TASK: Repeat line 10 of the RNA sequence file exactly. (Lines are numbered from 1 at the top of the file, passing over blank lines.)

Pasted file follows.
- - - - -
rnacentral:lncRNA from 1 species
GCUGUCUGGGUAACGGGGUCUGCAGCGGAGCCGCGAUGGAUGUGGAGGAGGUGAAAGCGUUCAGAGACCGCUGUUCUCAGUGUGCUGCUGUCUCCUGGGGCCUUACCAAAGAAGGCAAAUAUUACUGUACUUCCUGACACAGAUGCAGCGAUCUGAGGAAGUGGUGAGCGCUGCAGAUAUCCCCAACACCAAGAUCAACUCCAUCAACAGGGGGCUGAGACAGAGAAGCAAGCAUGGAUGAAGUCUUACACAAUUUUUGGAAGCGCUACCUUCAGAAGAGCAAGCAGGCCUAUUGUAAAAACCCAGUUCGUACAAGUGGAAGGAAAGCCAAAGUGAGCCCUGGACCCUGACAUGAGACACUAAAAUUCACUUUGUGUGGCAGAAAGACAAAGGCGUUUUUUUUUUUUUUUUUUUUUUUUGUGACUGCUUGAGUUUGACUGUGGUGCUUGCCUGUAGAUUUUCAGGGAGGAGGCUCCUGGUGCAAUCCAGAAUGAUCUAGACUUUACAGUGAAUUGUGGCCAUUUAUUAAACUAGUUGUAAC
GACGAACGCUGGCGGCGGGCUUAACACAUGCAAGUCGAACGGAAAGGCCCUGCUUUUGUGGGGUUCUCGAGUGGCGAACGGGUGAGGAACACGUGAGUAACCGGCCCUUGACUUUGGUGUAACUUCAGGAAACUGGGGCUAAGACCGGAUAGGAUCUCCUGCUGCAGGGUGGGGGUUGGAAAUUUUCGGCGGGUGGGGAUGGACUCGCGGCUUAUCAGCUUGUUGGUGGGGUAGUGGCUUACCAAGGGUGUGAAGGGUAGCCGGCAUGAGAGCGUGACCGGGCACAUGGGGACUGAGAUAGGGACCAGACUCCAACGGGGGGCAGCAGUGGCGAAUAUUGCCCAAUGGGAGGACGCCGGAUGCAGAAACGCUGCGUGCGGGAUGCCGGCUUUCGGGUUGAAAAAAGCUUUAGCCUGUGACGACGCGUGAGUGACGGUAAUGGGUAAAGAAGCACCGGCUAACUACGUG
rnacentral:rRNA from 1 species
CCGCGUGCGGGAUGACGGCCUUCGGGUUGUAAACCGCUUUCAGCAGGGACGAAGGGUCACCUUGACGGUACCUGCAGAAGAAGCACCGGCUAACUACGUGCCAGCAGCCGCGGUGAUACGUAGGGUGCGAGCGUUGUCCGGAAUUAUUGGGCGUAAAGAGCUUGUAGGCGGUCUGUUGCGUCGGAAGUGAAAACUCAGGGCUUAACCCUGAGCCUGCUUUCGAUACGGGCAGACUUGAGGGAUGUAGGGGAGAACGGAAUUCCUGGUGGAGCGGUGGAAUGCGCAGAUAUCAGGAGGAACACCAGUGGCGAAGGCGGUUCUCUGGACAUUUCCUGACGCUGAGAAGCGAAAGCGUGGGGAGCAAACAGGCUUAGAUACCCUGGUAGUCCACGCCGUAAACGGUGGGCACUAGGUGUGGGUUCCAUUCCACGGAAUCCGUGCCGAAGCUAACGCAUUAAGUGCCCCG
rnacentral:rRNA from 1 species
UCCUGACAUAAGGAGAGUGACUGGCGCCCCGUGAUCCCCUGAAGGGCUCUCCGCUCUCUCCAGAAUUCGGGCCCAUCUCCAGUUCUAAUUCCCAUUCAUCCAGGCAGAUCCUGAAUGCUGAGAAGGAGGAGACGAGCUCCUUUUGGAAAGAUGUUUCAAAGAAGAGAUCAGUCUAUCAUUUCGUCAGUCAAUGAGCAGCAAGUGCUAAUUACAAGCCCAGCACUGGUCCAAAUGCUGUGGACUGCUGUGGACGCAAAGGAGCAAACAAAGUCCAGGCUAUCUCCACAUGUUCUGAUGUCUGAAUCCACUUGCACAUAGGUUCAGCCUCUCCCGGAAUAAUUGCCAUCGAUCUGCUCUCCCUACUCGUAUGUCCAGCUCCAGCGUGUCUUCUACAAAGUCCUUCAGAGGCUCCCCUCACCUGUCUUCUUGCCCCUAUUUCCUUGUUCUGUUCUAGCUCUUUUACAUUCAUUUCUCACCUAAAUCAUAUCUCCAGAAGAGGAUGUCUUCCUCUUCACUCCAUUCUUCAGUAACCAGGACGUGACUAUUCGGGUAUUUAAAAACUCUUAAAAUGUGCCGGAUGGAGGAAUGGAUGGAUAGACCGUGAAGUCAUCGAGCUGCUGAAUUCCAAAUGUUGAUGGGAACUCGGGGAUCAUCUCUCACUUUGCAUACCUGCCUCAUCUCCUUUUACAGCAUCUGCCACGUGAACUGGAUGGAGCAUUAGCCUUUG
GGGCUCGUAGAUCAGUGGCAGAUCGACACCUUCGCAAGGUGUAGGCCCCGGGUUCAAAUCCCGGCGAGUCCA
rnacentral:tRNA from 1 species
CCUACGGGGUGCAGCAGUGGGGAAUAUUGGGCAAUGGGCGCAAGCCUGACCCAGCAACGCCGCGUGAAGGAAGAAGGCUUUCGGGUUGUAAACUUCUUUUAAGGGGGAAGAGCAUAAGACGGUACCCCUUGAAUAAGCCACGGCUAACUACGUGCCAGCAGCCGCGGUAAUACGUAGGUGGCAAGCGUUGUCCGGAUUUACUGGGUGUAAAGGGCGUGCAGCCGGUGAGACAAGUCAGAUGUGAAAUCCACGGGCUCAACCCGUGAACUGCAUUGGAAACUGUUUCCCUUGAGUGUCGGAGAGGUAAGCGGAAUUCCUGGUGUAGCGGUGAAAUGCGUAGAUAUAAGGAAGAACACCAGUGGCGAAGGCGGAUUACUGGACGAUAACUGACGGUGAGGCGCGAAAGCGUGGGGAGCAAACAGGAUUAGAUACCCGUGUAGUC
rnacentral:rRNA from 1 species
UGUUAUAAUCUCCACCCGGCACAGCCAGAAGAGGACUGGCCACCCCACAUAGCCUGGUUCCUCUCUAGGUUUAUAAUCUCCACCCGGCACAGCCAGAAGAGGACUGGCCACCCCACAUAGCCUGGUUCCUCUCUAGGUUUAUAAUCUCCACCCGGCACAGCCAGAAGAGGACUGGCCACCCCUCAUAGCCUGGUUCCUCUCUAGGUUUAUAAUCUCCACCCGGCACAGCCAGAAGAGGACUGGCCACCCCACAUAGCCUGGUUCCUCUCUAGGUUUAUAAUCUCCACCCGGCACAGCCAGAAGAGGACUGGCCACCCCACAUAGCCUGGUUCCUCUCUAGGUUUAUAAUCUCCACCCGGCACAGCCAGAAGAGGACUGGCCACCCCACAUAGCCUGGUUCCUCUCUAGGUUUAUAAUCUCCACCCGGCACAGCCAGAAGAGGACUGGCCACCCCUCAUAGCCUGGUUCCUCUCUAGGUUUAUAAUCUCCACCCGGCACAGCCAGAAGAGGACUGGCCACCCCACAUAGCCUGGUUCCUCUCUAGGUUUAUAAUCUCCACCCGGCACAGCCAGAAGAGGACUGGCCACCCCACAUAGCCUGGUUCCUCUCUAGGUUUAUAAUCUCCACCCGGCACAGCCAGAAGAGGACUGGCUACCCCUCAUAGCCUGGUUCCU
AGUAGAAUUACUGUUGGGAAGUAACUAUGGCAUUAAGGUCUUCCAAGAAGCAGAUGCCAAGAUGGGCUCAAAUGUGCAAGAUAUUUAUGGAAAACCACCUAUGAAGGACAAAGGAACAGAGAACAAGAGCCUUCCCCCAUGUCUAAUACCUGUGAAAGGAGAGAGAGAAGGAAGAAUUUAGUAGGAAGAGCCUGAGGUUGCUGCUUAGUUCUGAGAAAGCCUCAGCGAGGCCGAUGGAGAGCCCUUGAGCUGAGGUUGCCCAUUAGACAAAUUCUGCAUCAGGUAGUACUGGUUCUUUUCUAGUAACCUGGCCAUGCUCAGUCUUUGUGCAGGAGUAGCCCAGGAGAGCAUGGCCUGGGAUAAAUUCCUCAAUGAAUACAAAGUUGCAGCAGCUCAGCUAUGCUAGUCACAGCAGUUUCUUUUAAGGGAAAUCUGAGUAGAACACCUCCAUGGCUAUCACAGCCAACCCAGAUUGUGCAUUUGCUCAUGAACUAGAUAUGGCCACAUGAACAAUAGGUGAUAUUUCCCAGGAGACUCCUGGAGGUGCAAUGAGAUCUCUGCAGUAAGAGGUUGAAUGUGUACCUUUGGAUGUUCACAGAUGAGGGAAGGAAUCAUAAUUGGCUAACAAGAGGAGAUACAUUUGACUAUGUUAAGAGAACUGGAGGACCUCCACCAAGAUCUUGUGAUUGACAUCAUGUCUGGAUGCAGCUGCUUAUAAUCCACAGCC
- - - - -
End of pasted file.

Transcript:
CCUACGGGGUGCAGCAGUGGGGAAUAUUGGGCAAUGGGCGCAAGCCUGACCCAGCAACGCCGCGUGAAGGAAGAAGGCUUUCGGGUUGUAAACUUCUUUUAAGGGGGAAGAGCAUAAGACGGUACCCCUUGAAUAAGCCACGGCUAACUACGUGCCAGCAGCCGCGGUAAUACGUAGGUGGCAAGCGUUGUCCGGAUUUACUGGGUGUAAAGGGCGUGCAGCCGGUGAGACAAGUCAGAUGUGAAAUCCACGGGCUCAACCCGUGAACUGCAUUGGAAACUGUUUCCCUUGAGUGUCGGAGAGGUAAGCGGAAUUCCUGGUGUAGCGGUGAAAUGCGUAGAUAUAAGGAAGAACACCAGUGGCGAAGGCGGAUUACUGGACGAUAACUGACGGUGAGGCGCGAAAGCGUGGGGAGCAAACAGGAUUAGAUACCCGUGUAGUC